A few months before moving in, my mom sent me a photo that I just had to have.  I printed it and before doing anything else in the house, placed it directly over her new bed.
Speaking of her new bed, that was also a really special piece for me. 
She had never had an actual big-girl bed until we moved to this house.  She went from a crib to a futon (because it was close to the floor and it made me feel safer when she jerked and flailed around), to a mattress on the floor (for the same reasons).  But when we moved to this house she had practically stopped moving and jerking and had also gotten a new weighted blanket for Christmas so I knew she would be safe in an actual bed.  At this point, I also knew that a big bed was necessary in order to allow all of us to crawl up beside her long body and cuddle. 

It completely served it's purpose.   

Mabel's room is large. 
So large that it was able to fit many people at a time.  It was transformed on more than one occasion into a space where several people gathered around her.  There was singing, laughing, dancing, eating, crying, praying, resting, wailing, but mostly-loving so intensely.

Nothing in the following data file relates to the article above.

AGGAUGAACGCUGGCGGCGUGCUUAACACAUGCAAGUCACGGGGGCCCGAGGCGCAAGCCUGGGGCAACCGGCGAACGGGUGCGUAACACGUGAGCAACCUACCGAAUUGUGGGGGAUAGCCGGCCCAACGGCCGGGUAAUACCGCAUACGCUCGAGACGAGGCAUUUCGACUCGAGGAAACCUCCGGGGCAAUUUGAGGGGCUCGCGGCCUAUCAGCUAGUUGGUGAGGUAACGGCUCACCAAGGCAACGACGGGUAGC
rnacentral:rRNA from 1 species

Some of us walked into that room knowing that our baby would soon die.
And when we walked in and out of that room through the months, days and hours leading up to that moment, it was like a spiritual experience.  We sat together in chairs, and on couches, wrapped in blankets, her covering us, Dr. Peppers in hand, music playing, sometimes nobody saying anything at all. 
My mom sat in granny's old rocking chair and rocked as Mabel cried the most horrific, life-changing cries in her final days.  It was this same rocking chair in the corner of her room that I sat up in alone on so many nights, crying over my very fragile and sick baby.  I would pray, "God, just be near."
And He always, always was.
And then one morning, as the sun broke through a brilliant cloud right outside of our front door, Jesus was more near than ever before.  Our baby took her final breath and all at once met Him face to face. 
And none of us left that big, little room the same. 
We were forever changed.
That one room held us all, in many different shapes and forms.  All the while, we were simply holding onto Him in His only true form--faithful. 
In the days after Mabel's death, we would often find the kids sitting together on her bed.  Sometimes they would make pallets of blankets and sleep beside her bed on the floor.  Every single day the cat would lay in what quickly became 'her spot' on the edge of the bed.  Seeing her room and her bed so full continued to keep my heart full and it wasn't as daunting as I initially anticipated.